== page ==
This talk examines how punchoi is remembered, popularized, and reinvented with different variations and embodied shifting meanings for the New Territories inhabitants as well as other Hong Kong people in changing socio-economic and political environments. The way in which punchoi has been politicized and commoditized will be studied to reveal the changing relationship between different groups of people - the New Territories inhabitants, the rest of Hong Kong people, and other Chinese as well as non-Chinese. I argue that punchoi has been imbued with multiple layers of significance, involving linkages between local and national, emigration and Chineseness, urbanization and rural heritage as well as decolonization and identity politics.

Dr. Selina Ching Chan is an Associate Professor at Sociology Department and Associate Director at the Contemporary China Research Center in Hong Kong Shue Yan University. Her research interests are kinship and lineage, colonialism and identities, religion and tourism, cultural heritage and collective memories.


THE HONG KONG ANTHROPOLOGICAL SOCIETY AND THE HONG KONG MUSEUM OF HISTORY

Ju-chen Chen

Migrant Laborers in Beijing:
Social Divisions in Late Socialist China Past and Present

14 October 2009 Wednesday 7:00pm
Hong Kong Museum of History

China has over one hundred million migrant laborers who have left their rural homes to work in cities. While migrant laborers are often seen as a homogenous group of poor and socially marginalized "peasants" and "outsiders," in reality they come from different places, choose diverse migration routes, and perform various jobs; they may never have worked the land. This presentation explores the personal dreams of migrant laborers, Beijing as it appears through the eyes of migrant laborers, the interactions of migrant laborers with others, and how migrant laborers allocate their earnings. Particularly, through examining the diverse and evolving family house building plans of migrant laborers, this presentation addresses wider issues concerning the role of migrant laborers in China's uneven urban-rural development and emerging social divisions.

Ju-chen Chen is Adjunct Assistant Professor in the Department of Anthropology at the Chinese University of Hong Kong. She specializes in globalization, consumption and mass media, social divisions, and issues involving migrant laborers in China.


THE HONG KONG ANTHROPOLOGICAL SOCIETY AND THE HONG KONG MUSEUM OF HISTORY

Graeme Lang

Energy and Culture: The Coming Reversal of Globalization Trends in China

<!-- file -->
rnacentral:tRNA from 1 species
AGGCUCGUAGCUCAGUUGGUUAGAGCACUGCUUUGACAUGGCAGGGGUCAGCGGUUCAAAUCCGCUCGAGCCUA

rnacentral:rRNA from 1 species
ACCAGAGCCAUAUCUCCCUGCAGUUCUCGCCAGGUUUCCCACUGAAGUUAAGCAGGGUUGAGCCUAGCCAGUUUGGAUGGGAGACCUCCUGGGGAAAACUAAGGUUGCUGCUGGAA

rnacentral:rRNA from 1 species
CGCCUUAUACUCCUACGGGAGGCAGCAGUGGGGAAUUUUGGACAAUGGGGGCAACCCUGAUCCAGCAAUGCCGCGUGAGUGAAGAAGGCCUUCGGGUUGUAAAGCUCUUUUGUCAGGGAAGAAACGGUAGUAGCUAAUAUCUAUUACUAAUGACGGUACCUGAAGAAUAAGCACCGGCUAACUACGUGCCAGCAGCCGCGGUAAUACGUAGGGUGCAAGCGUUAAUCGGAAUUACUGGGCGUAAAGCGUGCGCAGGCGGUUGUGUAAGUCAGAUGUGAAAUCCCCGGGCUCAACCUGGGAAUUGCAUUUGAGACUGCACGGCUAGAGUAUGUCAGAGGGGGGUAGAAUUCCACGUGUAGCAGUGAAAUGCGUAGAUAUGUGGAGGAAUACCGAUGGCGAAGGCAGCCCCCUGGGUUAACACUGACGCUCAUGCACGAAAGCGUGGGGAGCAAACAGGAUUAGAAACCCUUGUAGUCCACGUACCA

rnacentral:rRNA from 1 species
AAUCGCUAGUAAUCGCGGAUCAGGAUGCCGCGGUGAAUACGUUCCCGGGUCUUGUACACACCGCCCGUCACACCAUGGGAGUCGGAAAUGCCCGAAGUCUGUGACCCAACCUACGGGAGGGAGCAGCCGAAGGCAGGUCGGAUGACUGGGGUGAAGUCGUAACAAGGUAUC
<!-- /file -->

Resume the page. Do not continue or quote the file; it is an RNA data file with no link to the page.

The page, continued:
17 September 2009 Thursday 7:00pm
Hong Kong Museum of History

Increasing energy problems accompanying the 'peak-oil' period, along with problems in coal supply and resulting impacts on international trade and mass tourism will lead to re-localization of many forms of supply and exchange in China.   This will have many implications for cultural developments including education, worldviews, entertainment, and tourism, as well as for the reformation of cities.  Anthropologists and sociologists will explore and illuminate many of these processes in the coming decades, but will also need to address the ecological and resource reasons underlying these changes to fully understand and anticipate them.   In this talk, I explore these processes and problems, and speculate as to how they will affect China's future.

Graeme Lang is Professor and Head of the Department of Asian and International Studies at the City University of Hong Kong.  He has done extensive research on religion in China, and on China's environmental policies.  He is currently Vice-chairperson of the Hong Kong Anthropological Society.


THE HONG KONG ANTHROPOLOGICAL SOCIETY AND THE HONG KONG MUSEUM OF HISTORY

Millie Creighton

The Korean Wave and Japanese Fandom: Transforming Historic tensions through Popular Culture

18 June 2009 Thursday 7:00pm
Hong Kong Museum of History

This presentation looks at the popularity of the Korean Wave in Japan. It explores how the ethnic erotic economy shifted to Korean men, the intensive fandom of so-called middle-aged women over young male Korean stars, Japanese tourism to Korea to visit Winter Sonata drama sites, and Japanese engaged in Korean language learning. In exploring the recent popularity of Korea for Japanese, the presentation addresses larger issues concerning the relative impact of planned political interventions and popular culture in changing international relations, and women's attempts to invert gender hierarchies by challenging ethnic hierarchies. It addresses how this popular culture boom has begun to shift Japanese attitudes regarding historic tensions surrounding Japan-South Korean relations and towards resident Koreans in Japan.